The Commissary was equipped to handle the entire needs of the community even a factory that built caskets, the only color was gray. If a store bought casket was not desired, the company would furnish a handmade coffin without charge. These coffins were made by the company carpenter, Sam Burnett, covered with white cloth or black muslin. Black muslin was the popular color.
The New River Lumber Company carried the idea of thoroughness and proper care of its buildings as to construction and maintenance of houses which it owned and rented at a reasonable figure to its employees. The company owned 87 houses. The general color was slate with white trimming. In the arrangement of the houses, the conventional method was avoided. There were no long streets of houses in straight and narrow file. Instead they were distributed in picturesque confusion through the white oak grove just above the mill and near the base of Gray’s Mountain, the mighty eminence, that overlooked the community of Norma, the saw
— Please Turn To Page 5 —
— Continued From Page 1—
mill, the lumber yard and that part of the New River Valley. The side walks were 5 feet wide made of white oak lumber 2 inches thick and kept in good repair by employees under the instruction of Foreman WILLIAM "Bill" NEWPORT.
There were several buildings of unusual interest, the bungalow occupied by General Manager, FRANK G. NORCROSS, Club House, Yeiser Club House, Ingles Bungalow and Fuller Bungalow. These structures were from products of the saw mill. The interiors were of cherry paneling wainscoating with beams of chestnut overhead. The Ingles Bungalow had tapestry between the upright beams. The Yeiser Bungalow had a massive river stone fireplace. The most noted was the Norcross Bungalow occupied by the General Manager, FRANK G. NORCROSS. It stood, and still stands, on a hill overlooking the valley of New River. From its base stretched some of the richest valley farm land to be found in any country. The club house was a large two story structure containing the library and auditorium with a large stage for entertainments. The upper story was used for a hall for the Masons, Odd Fellows, Knights of Pythias, Knights of Columbus and the Boy Scouts.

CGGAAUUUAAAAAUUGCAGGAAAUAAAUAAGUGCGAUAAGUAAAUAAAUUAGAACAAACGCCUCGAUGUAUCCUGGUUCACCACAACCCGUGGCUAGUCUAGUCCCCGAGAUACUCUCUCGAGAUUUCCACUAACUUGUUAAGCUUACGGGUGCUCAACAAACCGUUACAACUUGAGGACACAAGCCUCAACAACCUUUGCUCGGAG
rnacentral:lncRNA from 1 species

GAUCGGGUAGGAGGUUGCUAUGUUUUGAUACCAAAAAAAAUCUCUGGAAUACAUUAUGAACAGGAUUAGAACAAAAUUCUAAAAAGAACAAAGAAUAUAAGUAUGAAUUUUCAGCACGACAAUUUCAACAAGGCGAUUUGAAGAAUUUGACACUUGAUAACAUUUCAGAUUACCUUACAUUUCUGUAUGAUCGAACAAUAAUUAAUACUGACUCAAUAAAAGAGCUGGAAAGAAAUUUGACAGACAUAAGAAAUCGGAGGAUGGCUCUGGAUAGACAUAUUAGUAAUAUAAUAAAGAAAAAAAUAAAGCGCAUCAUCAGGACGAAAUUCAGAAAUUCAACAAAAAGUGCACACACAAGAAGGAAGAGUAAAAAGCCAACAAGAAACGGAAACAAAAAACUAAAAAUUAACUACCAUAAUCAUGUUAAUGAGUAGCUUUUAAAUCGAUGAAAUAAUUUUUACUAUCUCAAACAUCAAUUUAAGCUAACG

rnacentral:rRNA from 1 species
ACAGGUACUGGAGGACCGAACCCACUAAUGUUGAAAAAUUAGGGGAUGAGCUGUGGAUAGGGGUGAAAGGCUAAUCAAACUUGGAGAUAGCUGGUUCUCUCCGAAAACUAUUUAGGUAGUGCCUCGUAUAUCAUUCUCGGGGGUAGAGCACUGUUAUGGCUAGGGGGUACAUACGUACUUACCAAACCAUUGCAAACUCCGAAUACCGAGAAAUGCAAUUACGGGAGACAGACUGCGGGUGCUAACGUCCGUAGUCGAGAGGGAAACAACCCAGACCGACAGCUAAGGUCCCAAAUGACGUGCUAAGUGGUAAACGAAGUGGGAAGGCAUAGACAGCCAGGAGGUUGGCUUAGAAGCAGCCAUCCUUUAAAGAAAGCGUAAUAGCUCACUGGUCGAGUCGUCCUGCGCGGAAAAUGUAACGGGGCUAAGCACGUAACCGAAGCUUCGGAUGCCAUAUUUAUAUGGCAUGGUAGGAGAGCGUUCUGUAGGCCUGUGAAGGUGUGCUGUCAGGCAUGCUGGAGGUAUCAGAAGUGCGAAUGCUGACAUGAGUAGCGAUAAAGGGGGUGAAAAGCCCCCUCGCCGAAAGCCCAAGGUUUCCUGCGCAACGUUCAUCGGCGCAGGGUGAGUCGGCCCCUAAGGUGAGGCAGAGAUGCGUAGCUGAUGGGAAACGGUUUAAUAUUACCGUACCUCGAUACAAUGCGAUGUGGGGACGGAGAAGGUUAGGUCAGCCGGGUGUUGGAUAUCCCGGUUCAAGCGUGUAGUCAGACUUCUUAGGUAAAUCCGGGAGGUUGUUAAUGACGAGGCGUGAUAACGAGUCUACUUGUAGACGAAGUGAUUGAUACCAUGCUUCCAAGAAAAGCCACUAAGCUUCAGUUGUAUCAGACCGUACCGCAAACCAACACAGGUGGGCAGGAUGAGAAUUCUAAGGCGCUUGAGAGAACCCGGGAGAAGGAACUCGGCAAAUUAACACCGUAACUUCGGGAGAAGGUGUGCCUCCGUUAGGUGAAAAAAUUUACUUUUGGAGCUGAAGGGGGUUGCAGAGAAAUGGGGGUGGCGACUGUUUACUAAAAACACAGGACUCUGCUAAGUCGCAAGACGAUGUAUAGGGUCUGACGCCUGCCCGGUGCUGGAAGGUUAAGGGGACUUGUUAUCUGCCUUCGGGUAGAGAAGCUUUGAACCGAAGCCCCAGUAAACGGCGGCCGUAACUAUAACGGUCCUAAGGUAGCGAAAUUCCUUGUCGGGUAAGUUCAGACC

The Attractive ‘Bungalow’ Residence of Frank G.
In addition to the large band mill there was a hickory mill which manufactured automobile wheel spokes, wagon wheel spokes, wheel hubs and artillery wheel spokes. Mr. H. E. FULLER was the General Manager. Also there was a clothes pin factory employing women mostly. Mr. FARREL was the General Manager. The hickory mill used the hickory timber and the clothes pin factory used the beech and sycamore. The vast amount of dogwood timber was cut into stock for manufacturing bobbins and shuttles.
The Town and mill site was purchased from FOWLER HATFIELD by the New River Lumber Company in 1900.
Norma was a town of changing names. Where the name originated has not been recorded. According to postal records the site was Skull Bone, Tennessee when the post office was established December 17, 1878 and JOSEPH F. HATFIELD was appointed Postmaster. The name changed to Norma, March 17, 1887 and JOSEPH F. HATFIELD remained Postmaster. On April 5,1887 NETTLE HAMON was appointed Postmaster. On December 17, 1915 Norma was changed to Norcross and WILLIAM SHANNON was appointed Postmaster. The name was changed back to Norma on June 21, 1919 with WILLIAM R. SHANNON remaining Postmaster.
FNB Chronicle, Vol. 1, No. 1 – Summer 1989
First National Bank
P.O. Box 4699
Oneida, TN 37841
This page was created by Timothy N. West and is copyrighted by him. All rights reserved.